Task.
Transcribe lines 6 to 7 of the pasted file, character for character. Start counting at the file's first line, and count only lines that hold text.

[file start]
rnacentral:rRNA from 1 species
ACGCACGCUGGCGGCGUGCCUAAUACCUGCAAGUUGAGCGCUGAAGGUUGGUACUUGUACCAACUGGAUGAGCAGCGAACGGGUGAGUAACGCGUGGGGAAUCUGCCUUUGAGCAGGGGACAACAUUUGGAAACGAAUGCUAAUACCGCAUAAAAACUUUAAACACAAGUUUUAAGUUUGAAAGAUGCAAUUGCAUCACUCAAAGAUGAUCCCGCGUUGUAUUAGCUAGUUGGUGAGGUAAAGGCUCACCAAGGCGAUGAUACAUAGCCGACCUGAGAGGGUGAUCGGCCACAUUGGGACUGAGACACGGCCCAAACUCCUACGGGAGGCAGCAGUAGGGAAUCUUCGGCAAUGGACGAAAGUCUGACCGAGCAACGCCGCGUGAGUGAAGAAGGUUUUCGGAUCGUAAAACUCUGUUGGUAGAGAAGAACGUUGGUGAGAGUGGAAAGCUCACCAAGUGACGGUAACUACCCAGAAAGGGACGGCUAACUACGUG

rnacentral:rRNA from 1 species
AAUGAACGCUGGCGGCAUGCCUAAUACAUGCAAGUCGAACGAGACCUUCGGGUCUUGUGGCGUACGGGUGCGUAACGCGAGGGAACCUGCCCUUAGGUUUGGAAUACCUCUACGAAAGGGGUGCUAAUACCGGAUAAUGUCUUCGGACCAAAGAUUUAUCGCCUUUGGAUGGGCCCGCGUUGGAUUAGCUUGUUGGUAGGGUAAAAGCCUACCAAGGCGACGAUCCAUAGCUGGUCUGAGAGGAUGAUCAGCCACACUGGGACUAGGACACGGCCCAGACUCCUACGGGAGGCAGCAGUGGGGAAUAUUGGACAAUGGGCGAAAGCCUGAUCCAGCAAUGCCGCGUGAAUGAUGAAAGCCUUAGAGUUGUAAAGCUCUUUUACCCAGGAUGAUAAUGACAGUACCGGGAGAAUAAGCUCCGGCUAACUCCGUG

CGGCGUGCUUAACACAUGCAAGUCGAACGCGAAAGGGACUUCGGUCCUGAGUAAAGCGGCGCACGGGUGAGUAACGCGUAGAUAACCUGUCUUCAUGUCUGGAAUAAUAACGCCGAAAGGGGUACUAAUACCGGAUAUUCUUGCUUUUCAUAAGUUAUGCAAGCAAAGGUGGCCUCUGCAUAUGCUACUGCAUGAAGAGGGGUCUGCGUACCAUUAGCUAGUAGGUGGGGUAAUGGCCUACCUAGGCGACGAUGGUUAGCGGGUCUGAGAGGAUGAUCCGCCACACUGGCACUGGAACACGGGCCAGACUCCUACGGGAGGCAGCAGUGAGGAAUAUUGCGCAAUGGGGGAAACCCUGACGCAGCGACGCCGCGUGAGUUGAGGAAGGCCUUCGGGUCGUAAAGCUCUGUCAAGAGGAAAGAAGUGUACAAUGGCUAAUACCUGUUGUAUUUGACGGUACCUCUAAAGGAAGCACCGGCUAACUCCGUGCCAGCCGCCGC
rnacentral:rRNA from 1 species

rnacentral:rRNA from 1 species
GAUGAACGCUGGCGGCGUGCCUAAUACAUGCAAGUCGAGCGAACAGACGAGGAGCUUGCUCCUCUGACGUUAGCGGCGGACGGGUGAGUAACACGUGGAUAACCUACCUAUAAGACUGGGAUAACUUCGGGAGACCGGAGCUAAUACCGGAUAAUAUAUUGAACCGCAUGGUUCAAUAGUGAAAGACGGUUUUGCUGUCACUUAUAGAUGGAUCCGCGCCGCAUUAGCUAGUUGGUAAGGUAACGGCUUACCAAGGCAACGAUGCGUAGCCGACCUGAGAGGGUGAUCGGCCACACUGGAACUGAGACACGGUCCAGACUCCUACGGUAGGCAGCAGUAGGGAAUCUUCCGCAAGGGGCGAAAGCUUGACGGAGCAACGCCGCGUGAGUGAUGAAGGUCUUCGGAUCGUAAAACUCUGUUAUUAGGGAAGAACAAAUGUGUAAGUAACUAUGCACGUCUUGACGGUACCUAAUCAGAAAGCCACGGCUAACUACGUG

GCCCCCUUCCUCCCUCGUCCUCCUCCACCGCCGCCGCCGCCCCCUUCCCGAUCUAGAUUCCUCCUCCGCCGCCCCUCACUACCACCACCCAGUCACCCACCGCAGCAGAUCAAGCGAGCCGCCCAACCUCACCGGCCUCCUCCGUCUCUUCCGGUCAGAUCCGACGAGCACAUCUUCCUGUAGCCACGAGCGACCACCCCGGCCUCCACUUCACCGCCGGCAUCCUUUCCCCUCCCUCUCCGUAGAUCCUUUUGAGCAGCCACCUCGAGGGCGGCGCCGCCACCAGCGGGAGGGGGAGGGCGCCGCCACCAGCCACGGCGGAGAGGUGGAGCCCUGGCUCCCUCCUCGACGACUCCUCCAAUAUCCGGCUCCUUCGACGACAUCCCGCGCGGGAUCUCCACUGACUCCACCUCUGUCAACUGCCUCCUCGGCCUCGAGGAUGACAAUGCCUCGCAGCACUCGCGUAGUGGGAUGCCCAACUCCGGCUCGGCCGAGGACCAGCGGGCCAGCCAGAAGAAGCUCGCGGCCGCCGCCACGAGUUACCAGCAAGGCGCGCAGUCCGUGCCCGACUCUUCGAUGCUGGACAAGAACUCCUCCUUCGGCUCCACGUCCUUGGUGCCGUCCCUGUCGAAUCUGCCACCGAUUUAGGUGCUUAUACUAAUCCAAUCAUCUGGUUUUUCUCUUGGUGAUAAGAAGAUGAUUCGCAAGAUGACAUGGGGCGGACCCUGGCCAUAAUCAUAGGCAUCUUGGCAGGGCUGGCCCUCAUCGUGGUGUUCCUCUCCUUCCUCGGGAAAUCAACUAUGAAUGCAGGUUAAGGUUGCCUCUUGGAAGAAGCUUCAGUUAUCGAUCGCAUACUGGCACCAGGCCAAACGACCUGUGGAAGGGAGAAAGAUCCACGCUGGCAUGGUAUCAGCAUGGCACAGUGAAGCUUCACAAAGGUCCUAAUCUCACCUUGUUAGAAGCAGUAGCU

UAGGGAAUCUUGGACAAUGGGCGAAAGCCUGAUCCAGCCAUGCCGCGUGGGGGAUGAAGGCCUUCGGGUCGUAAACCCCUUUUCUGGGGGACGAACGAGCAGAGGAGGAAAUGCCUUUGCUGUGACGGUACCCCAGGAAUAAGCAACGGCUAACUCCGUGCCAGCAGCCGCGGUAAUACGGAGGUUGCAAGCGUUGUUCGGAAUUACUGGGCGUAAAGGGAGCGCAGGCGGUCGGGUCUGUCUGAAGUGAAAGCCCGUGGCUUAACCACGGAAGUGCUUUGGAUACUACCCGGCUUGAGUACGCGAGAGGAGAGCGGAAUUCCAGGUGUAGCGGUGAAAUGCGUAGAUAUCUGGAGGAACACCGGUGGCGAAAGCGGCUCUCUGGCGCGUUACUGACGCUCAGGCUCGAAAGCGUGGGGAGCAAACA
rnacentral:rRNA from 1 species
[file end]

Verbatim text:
rnacentral:rRNA from 1 species

rnacentral:rRNA from 1 species